# Uniqueness of a solution of a system of equations

While studying quantummechanics, I encountered following algebraic problem: We know that if $l$ is a non-negative integer: $$2l+1 = \sum_{-l}^l{c_m(-1)^m}$$ $$2l+1 = \sum_{-l}^l{\vert c_m\vert^2}$$ Where $c_m$ are coefficients, that may be complex. Obviously $$c_m = (-1)^m$$ Is a solution of this system of equations. I'm not sure though how I can see if this is the only solution. This is needed for proving the addition theorem of spherical harmonics.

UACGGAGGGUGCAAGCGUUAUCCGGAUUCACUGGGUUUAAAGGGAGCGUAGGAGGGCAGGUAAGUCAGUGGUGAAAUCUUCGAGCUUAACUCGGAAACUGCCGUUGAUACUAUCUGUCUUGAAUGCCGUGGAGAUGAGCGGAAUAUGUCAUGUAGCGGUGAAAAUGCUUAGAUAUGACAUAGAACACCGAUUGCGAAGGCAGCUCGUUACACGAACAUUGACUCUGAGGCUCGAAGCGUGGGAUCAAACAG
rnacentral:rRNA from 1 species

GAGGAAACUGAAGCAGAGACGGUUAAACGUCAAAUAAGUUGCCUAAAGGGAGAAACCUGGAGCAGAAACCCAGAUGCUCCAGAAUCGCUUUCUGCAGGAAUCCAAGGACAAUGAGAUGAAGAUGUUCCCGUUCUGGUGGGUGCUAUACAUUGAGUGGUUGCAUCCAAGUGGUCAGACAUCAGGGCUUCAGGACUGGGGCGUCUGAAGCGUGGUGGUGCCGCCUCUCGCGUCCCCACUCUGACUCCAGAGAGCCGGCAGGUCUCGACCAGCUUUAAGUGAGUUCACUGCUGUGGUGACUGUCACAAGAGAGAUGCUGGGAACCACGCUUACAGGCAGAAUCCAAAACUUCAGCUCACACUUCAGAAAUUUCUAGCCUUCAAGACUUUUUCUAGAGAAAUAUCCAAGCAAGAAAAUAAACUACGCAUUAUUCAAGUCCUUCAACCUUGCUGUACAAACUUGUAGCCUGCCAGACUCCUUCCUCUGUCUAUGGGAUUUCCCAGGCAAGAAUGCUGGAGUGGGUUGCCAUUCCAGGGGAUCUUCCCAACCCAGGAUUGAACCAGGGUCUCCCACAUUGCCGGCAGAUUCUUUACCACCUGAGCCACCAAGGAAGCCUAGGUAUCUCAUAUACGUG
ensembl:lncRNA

Use the Cauchy-Schwarz inequality: $$\sum_{m=-l}^l c_m(-1)^m \leq \sqrt{\textstyle\sum_{m=-l}^l \lvert c_m \rvert^2 \sum_{m=-l}^l 1} = 2l + 1.$$ Because the two sides are in fact equal, the vector $(c_m)_{m=-l}^l$ must be a scalar multiple of the vector $((-1)^m)_{m=-l}^l$. Denote this scalar factor by $a$. Then $\sum_{m=-l}^l c_m(-1)^m = \sum_{m=-l}^l a = (2l+1)a \implies a=1$.